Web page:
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Weighing In

Today, I'm writing about something I'm actually rather proud of. Today, I'm writing about my weight loss. Over the past ten months, I've lost 12 kilos.

Me, last year: 82kg
My parents have been begging me to start exercising since eighth grade. When I was 13, they'd boot me out of the house every day at 5:00PM and make me go running. I hated it. I barely even bothered to run, let alone push myself or stick to a diet. I ate like a trash can, sat in front of the computer all day and did nothing at all about my rapidly swelling pot belly. By the time I'd turned 15, even Dad had given up any dreams of seeing me with a flat stomach. I'd trained myself to stop looking in the mirror, and I stayed out of pictures as much as possible.

Fast-forward to the present day: I weigh 69 kilos. My stomach has all but vanished. Looking in the mirror is a satisfying experience, and I even have some muscle on my arms. I can now fit in medium-size t-shirts, and whenever I wear my old jeans, I look like I'm posing for a gym ad. So what happened?

At some point last year, I got tired of being fat. I got tired of seeing a double chin every time I looked down, I got tired of not being able to see my legs. I decided to do something about it. Initially, I signed up with a gym. It worked - to a point. I was still overeating, so I gained some muscle, but I still had a paunch.

The real differences became visible when I started running. At first, I still hated it - someone who considers running to be the ultimate torment doesn't suddenly take it up as a hobby, after all. What I realised, though, was that the way to enjoy running was to push myself at it. Running further than you've ever run before and then collapsing with the sweat saturating your shirt and your legs burning is, oddly enough, an incredible feeling. There's a sense of achievement, and after you get yourself cleaned up, there's an energy spike that lasts for at least a couple of hours after. Even now, I don't enjoy running in itself - I enjoy the satisfaction that comes afterwards.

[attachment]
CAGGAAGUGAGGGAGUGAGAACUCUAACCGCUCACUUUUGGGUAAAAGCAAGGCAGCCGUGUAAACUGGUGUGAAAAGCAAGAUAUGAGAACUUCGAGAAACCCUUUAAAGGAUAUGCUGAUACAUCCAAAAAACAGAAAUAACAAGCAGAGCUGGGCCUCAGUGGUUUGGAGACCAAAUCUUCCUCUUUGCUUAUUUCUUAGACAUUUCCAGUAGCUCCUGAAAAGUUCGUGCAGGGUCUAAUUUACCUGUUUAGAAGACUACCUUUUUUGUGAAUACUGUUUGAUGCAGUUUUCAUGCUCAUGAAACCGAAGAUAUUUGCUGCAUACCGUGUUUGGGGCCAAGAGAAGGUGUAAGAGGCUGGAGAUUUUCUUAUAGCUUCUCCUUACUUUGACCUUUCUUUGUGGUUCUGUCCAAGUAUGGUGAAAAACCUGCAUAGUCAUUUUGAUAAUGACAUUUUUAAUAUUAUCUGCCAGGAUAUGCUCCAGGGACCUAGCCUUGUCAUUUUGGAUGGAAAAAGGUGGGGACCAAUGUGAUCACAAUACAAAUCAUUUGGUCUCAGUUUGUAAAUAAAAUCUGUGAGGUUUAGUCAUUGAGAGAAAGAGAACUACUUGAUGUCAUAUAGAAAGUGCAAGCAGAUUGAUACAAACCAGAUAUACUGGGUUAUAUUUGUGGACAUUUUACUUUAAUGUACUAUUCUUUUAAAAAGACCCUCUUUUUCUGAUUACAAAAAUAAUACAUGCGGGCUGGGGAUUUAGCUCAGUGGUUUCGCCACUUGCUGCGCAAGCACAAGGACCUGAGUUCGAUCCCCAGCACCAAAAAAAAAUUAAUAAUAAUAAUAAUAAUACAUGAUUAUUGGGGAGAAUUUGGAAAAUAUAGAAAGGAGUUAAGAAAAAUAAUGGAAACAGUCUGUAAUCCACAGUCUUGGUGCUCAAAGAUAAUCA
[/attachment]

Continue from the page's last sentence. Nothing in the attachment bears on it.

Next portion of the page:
Once I started running, I discovered the magic of dieting. I spent a few hours looking at various diets on the internet, and then I looked at the science behind dieting. What I found is that you don't need to do anything desperate like eating only fruits and berries for a month to lose weight. The body works on a very simple principle: calories in vs. calories out. If you burn more calories than you take in, you lose weight and vice versa. Anything else is simply fiddling around on the edges of this equation.

I took that knowledge and applied it to my own diet. Initially, I used an app called MyFitnessPal (they're great, you can check them out here) to track calories. Every food I ate, I logged. I even bought a fitness tracker and tracked every bit of exercise I got in a day. I cut out sodas, cheese, sugar, fried stuff, anything that dripped or oozed or squirted. The easiest way to do this, I found, was to convince myself that all the unhealthy food was genuinely disgusting. I'd look at a burger and think to myself, "What kind of real food glistens in the light? That looks like it's made of plastic! Why would I want to eat that?" It's actually really easy to do.

Several months of that, and I look like this:

Me, now: 69kg
It's not that hard. It seems impossible at first. I remember my first few weeks at the gym, when I'd come home and look at my stomach with a glowering hatred, wondering why it didn't seem to have changed at all. It was at times like those that I realised that it's no good looking for results. Personally, I didn't even recognise the results when they came. I only realised how different I looked when Dad showed me the two pictures I've posted above this evening. In the words of Macklemore: "Work, and don't worry about the praise, my love!"


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